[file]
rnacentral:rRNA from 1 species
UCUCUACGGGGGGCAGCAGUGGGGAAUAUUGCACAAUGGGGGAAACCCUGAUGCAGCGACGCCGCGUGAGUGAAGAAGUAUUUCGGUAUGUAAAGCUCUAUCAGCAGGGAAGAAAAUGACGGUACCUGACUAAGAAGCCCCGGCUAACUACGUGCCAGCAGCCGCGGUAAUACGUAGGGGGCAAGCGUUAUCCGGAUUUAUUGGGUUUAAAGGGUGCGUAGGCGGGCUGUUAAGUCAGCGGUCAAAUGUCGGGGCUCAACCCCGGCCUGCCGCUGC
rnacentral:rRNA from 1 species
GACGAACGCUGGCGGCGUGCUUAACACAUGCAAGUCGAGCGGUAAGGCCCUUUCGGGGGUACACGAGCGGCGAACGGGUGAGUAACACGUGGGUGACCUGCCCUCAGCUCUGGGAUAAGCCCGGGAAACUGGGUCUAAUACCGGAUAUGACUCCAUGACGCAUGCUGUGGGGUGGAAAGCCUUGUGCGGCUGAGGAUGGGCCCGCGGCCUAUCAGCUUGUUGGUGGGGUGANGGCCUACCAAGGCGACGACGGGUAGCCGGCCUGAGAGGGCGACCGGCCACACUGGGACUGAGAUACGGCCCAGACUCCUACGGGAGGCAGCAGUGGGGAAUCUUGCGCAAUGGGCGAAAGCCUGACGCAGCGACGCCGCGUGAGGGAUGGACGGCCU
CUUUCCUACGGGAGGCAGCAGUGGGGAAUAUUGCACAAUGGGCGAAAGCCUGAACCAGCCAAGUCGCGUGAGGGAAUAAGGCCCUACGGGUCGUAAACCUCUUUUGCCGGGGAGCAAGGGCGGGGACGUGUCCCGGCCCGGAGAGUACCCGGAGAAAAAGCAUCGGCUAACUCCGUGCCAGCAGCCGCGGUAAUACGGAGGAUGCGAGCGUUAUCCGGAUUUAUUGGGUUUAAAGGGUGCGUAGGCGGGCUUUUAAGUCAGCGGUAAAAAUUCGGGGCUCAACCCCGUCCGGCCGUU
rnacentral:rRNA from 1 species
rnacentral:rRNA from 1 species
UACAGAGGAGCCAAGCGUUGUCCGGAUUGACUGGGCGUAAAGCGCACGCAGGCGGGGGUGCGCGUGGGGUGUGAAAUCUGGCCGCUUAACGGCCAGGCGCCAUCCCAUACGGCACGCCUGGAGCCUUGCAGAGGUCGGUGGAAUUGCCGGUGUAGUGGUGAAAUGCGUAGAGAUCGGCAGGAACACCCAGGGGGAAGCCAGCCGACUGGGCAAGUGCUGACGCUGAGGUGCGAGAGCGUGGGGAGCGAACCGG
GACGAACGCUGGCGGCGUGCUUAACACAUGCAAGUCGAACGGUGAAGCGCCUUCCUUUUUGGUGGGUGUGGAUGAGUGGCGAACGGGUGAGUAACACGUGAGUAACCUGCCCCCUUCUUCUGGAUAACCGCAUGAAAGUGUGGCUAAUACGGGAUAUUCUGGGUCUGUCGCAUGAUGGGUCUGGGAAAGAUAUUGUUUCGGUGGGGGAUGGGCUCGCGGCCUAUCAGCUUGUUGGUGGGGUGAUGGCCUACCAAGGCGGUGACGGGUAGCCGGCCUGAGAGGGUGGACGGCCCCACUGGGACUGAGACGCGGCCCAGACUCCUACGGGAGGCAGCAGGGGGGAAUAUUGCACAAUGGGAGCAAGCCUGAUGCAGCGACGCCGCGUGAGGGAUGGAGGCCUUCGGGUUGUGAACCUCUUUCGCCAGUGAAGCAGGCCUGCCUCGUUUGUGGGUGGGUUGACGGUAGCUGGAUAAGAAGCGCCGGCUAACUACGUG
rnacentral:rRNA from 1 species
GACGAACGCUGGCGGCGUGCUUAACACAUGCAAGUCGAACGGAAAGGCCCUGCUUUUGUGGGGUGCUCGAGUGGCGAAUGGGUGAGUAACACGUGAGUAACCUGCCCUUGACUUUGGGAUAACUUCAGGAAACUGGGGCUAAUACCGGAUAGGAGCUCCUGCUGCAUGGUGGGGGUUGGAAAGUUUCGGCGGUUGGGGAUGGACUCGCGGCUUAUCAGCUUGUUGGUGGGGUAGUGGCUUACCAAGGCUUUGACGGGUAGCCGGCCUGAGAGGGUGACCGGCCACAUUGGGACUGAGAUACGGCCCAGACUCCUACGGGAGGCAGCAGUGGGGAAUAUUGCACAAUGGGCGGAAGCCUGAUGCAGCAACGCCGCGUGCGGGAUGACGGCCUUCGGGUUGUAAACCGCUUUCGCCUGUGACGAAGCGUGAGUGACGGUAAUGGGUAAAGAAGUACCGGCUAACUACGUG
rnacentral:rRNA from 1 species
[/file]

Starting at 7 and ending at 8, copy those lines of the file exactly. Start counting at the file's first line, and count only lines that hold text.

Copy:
rnacentral:rRNA from 1 species
UACAGAGGAGCCAAGCGUUGUCCGGAUUGACUGGGCGUAAAGCGCACGCAGGCGGGGGUGCGCGUGGGGUGUGAAAUCUGGCCGCUUAACGGCCAGGCGCCAUCCCAUACGGCACGCCUGGAGCCUUGCAGAGGUCGGUGGAAUUGCCGGUGUAGUGGUGAAAUGCGUAGAGAUCGGCAGGAACACCCAGGGGGAAGCCAGCCGACUGGGCAAGUGCUGACGCUGAGGUGCGAGAGCGUGGGGAGCGAACCGG